The Star Beacon; Ashtabula, Ohio

April 26, 2013

Young cast excels in ‘Adventures of Tom Sawyer’

A REVIEW

By DAVE DeLUCA - For the Star Beacon
Star Beacon

ASHTABULA —  Few novels have been adapted for the stage as many times and different ways as Mark Twain’s “Tom Sawyer.”

Published in 1876, this American classic takes a droll, sometimes disapproving, look at life in southern Missouri through the eyes of a mischievous pre-teen boy. It was adapted to a stage play script for children and teens not long after, and more recently as a musical.

The two-act, four-scene version of “The Adventures of Tom Sawyer” presented by the Harbor Playhouse Theatrical Co-op, is a stage adaptation by William Braun. The production is fun and has lots of energy. The cast is mostly young talent. Despite the 19th century social and cultural references, it’s funny without needing translation, and the characters all play their parts with complete conviction. What’s even better is watching them hit their marks and deliver long-winded lines without a glitch.

In Twain’s own words, “Tom Sawyer is not a boys’ book.” Although often scripted for child actors and young audiences, there’s still plenty of black humor and satire. In fact, the ‘Aunt Polly’ character is addicted to over-the-counter pain medication and the ‘Tom Sawyer’ character is a truant, con artist and nuisance.

Mark Pendleton, director of the Harbor Playhouse Theatrical Co-op production of “Tom Sawyer,” said there are at least 10 different scripts being performed now, and each has a different slant on how to be faithful to Twain’s vision of antebellum St..Petersburg, Mo., life.

“It’s hard to beat Mark Twain’s material, and the kids were really fun to work with,” he said.

Pendleton said the young cast needed to learn to relate to the context of the era, so he had them read the book.

“They did a great job of understanding the characters,” he said. “And they didn’t break character or lose the southern accent.”

The entire cast performed well, especially Louis Ruane as Tom Sawyer, and 11 year-old Joseph Damore as Huckleberry Finn. Tom Sawyer’s tattletale half brother Sid Sawyer was well played by Samson Ruane. Kirana Rogers did an excellent job of portraying Tom Sawyer’s heartthrob Becky Thatcher. Joe Harper was well portrayed by 3rd-grade student Dennis Dixon III. Much of the cast is under 16 years old.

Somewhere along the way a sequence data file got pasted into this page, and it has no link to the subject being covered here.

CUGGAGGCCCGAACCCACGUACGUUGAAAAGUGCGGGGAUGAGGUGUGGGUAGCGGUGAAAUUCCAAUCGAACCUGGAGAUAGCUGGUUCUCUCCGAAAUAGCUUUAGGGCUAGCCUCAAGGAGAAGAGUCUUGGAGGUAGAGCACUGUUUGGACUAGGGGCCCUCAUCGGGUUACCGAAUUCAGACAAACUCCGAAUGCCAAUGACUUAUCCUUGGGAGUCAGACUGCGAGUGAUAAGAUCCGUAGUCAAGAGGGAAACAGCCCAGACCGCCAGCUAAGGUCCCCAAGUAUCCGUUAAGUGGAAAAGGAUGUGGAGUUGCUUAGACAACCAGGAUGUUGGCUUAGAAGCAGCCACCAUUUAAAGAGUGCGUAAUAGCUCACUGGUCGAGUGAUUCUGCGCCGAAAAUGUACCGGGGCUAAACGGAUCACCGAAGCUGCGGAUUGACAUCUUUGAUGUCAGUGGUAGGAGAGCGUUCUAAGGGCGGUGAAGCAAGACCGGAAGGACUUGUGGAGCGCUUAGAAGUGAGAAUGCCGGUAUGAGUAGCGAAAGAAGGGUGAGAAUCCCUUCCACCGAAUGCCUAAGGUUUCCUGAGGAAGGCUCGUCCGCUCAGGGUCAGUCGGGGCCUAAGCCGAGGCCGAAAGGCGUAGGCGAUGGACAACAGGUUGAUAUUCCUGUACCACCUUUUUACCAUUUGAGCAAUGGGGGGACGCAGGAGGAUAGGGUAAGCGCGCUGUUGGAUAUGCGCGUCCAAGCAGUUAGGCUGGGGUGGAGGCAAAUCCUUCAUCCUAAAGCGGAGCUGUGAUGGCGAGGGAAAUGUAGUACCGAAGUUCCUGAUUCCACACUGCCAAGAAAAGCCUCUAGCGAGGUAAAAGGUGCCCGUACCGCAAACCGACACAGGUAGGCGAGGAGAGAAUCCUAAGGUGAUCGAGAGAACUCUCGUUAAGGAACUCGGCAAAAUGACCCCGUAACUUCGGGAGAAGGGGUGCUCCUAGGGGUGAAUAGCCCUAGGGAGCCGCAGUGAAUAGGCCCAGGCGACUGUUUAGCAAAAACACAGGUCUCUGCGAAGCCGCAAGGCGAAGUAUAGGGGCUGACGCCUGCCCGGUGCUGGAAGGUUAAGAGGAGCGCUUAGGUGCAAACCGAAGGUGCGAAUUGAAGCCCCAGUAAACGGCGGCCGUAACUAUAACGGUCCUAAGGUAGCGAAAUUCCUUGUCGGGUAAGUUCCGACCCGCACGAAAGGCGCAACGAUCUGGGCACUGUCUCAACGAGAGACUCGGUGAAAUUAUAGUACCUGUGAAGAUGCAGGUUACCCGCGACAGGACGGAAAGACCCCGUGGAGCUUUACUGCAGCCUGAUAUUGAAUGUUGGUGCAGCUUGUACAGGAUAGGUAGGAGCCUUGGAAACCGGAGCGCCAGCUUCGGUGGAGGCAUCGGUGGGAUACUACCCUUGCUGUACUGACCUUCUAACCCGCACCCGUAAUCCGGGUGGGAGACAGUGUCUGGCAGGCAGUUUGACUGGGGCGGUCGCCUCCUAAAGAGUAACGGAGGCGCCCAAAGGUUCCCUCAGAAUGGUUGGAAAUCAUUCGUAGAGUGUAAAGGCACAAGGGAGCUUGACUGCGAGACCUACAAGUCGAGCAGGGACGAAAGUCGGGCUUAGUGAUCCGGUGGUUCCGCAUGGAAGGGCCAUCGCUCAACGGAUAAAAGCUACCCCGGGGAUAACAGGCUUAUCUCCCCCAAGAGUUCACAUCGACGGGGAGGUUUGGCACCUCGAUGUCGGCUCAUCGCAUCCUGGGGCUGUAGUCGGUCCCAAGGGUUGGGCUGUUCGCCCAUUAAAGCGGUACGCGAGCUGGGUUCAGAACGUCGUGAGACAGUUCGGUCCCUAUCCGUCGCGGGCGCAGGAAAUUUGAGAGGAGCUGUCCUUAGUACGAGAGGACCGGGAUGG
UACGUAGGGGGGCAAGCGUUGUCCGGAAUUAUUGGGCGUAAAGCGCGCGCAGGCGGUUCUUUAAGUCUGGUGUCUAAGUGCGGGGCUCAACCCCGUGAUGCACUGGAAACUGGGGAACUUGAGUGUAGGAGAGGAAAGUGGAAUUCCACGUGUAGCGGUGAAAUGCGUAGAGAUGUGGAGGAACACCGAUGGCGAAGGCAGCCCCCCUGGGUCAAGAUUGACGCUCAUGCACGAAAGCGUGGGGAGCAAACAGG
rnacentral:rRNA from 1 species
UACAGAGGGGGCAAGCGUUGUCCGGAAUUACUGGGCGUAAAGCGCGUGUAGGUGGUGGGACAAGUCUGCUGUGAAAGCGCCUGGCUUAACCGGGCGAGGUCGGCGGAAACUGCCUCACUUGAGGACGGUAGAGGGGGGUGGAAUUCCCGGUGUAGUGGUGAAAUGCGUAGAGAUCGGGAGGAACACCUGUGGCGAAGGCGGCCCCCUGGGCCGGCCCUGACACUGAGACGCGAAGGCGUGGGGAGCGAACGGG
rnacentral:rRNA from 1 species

The adults also did a fine job of rendering this American classic. Tom’s Aunt Polly was portrayed with lots of humor by Ave Warren-Perts, and that goes for Marti Milliken-Dixon as the Widow Douglas. The cast also included excellent performances by Mary Fetsko as Mary Rogers, Maximillian Ruane as Walter Potter, Lucy Ruane as Amy Lawrence, Eric Reisterer as Injun Joe, Sara Perts as Sereny Harper and Sher Kanieski as Mrs. Thatcher.

The play was performed on one set, Aunt Polly’s parlor, which set up the action well enough. Some video clips were used to show Tom Sawyer and Huckleberry Finn as pirates, and this added to the entertainment value as a break from the single set. Great period costumes were provided by Sara Perts.

This play is worth seeing not just because it does a fine job of extrapolating Mark Twain’s classic of life along the Mississippi River, but because it showcases young talent at its best. It’s fun to see so many youngsters ‘break a leg’ and actually do justice to Braun’s adaptation of “Tom Sawyer.”

The Harbor Playhouse Theatrical Playhouse Co-op is located at 341 Lake Ave. This weekend is the last time “Tom Sawyer” will be shown. It runs from today and Saturday at 7:30 p.m. and at 3 p.m. on Sunday.

The next Harbor Theatrical Playhouse Co-op play is Shakespeare’s “Much Ado About Nothing” beginning in August. Open mic nights at the Playhouse are scheduled for May 11.